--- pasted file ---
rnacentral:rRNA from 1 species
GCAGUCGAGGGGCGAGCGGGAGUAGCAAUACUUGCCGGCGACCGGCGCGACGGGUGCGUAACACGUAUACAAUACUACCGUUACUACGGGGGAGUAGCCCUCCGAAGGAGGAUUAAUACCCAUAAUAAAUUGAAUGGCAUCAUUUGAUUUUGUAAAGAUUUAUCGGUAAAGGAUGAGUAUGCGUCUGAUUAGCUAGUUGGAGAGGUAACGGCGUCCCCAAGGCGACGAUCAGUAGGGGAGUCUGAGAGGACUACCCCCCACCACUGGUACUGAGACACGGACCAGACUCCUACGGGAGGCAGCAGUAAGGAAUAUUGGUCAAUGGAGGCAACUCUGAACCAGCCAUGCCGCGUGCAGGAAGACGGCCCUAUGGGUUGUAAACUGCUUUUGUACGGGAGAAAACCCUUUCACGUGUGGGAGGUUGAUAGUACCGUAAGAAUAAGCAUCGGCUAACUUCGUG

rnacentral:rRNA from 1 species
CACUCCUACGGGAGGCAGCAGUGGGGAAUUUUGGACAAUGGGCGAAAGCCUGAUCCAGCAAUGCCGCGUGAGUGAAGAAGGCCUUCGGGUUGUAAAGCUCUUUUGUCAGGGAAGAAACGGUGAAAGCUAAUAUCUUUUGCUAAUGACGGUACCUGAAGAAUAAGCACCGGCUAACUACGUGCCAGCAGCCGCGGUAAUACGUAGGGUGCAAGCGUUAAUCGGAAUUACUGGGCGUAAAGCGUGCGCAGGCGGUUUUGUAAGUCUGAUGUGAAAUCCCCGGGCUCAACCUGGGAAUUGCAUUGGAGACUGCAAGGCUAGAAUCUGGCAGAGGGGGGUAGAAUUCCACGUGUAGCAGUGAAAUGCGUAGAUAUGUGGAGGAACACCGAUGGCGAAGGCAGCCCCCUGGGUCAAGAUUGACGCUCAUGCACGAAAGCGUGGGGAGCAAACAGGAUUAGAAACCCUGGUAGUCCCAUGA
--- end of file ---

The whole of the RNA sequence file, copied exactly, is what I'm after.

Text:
rnacentral:rRNA from 1 species
GCAGUCGAGGGGCGAGCGGGAGUAGCAAUACUUGCCGGCGACCGGCGCGACGGGUGCGUAACACGUAUACAAUACUACCGUUACUACGGGGGAGUAGCCCUCCGAAGGAGGAUUAAUACCCAUAAUAAAUUGAAUGGCAUCAUUUGAUUUUGUAAAGAUUUAUCGGUAAAGGAUGAGUAUGCGUCUGAUUAGCUAGUUGGAGAGGUAACGGCGUCCCCAAGGCGACGAUCAGUAGGGGAGUCUGAGAGGACUACCCCCCACCACUGGUACUGAGACACGGACCAGACUCCUACGGGAGGCAGCAGUAAGGAAUAUUGGUCAAUGGAGGCAACUCUGAACCAGCCAUGCCGCGUGCAGGAAGACGGCCCUAUGGGUUGUAAACUGCUUUUGUACGGGAGAAAACCCUUUCACGUGUGGGAGGUUGAUAGUACCGUAAGAAUAAGCAUCGGCUAACUUCGUG

rnacentral:rRNA from 1 species
CACUCCUACGGGAGGCAGCAGUGGGGAAUUUUGGACAAUGGGCGAAAGCCUGAUCCAGCAAUGCCGCGUGAGUGAAGAAGGCCUUCGGGUUGUAAAGCUCUUUUGUCAGGGAAGAAACGGUGAAAGCUAAUAUCUUUUGCUAAUGACGGUACCUGAAGAAUAAGCACCGGCUAACUACGUGCCAGCAGCCGCGGUAAUACGUAGGGUGCAAGCGUUAAUCGGAAUUACUGGGCGUAAAGCGUGCGCAGGCGGUUUUGUAAGUCUGAUGUGAAAUCCCCGGGCUCAACCUGGGAAUUGCAUUGGAGACUGCAAGGCUAGAAUCUGGCAGAGGGGGGUAGAAUUCCACGUGUAGCAGUGAAAUGCGUAGAUAUGUGGAGGAACACCGAUGGCGAAGGCAGCCCCCUGGGUCAAGAUUGACGCUCAUGCACGAAAGCGUGGGGAGCAAACAGGAUUAGAAACCCUGGUAGUCCCAUGA